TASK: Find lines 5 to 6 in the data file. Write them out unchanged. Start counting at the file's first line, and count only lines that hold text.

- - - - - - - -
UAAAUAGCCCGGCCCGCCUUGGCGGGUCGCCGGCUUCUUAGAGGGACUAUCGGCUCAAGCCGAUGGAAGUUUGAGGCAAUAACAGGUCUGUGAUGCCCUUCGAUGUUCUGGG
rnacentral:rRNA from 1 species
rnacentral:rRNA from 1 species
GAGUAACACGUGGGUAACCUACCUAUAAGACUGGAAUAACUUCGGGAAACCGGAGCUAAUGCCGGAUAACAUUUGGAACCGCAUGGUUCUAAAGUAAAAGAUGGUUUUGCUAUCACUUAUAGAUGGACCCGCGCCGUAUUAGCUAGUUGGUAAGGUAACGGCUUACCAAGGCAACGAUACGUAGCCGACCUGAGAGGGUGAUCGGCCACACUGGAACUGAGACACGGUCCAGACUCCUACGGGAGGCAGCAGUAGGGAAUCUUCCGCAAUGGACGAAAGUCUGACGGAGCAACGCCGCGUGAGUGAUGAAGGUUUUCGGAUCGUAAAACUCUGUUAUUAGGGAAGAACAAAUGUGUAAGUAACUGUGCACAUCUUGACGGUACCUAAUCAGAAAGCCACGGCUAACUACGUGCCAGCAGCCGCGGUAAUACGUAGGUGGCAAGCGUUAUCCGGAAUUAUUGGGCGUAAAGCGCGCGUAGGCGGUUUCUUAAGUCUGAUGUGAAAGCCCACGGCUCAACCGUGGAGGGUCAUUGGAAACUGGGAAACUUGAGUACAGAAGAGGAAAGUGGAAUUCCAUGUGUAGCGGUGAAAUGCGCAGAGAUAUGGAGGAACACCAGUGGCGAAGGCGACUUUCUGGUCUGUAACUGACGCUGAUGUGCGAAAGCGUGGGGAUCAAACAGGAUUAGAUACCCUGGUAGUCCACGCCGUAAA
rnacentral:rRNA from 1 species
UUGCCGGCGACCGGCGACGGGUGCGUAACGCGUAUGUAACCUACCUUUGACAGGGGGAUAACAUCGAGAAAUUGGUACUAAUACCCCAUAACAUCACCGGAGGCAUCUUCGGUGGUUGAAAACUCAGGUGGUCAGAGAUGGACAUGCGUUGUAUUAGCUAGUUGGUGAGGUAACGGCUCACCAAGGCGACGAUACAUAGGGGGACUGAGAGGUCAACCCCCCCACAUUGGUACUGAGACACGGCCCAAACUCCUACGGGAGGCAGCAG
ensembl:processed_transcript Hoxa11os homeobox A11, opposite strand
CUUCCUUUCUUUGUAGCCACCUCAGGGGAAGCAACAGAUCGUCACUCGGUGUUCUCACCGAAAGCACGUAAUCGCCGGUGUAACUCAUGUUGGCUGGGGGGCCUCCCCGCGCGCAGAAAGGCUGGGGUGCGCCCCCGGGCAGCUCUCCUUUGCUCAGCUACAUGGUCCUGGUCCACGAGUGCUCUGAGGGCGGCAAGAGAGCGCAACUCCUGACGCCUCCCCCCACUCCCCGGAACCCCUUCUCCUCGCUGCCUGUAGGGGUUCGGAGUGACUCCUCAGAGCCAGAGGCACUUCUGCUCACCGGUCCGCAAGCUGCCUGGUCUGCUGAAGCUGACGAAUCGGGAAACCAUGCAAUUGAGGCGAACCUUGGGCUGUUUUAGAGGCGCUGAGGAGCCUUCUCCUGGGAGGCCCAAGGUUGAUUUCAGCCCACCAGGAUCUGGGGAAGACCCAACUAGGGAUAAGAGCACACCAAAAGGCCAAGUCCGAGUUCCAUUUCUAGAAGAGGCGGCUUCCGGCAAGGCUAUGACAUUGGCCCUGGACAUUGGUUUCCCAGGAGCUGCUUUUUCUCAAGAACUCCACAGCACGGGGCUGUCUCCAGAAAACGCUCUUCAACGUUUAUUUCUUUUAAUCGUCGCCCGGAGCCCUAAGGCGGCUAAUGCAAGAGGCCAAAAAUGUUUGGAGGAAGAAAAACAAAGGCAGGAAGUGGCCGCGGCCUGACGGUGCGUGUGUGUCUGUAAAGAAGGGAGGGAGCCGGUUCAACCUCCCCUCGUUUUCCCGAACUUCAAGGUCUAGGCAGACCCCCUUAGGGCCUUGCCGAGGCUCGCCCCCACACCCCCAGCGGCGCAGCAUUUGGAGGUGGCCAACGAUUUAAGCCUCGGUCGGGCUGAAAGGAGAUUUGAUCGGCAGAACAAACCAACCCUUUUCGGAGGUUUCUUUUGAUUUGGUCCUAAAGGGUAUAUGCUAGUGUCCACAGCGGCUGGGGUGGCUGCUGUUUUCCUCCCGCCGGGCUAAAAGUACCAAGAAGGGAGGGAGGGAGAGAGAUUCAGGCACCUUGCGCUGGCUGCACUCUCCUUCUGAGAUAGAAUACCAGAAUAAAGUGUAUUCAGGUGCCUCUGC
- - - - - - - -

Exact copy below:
rnacentral:rRNA from 1 species
UUGCCGGCGACCGGCGACGGGUGCGUAACGCGUAUGUAACCUACCUUUGACAGGGGGAUAACAUCGAGAAAUUGGUACUAAUACCCCAUAACAUCACCGGAGGCAUCUUCGGUGGUUGAAAACUCAGGUGGUCAGAGAUGGACAUGCGUUGUAUUAGCUAGUUGGUGAGGUAACGGCUCACCAAGGCGACGAUACAUAGGGGGACUGAGAGGUCAACCCCCCCACAUUGGUACUGAGACACGGCCCAAACUCCUACGGGAGGCAGCAG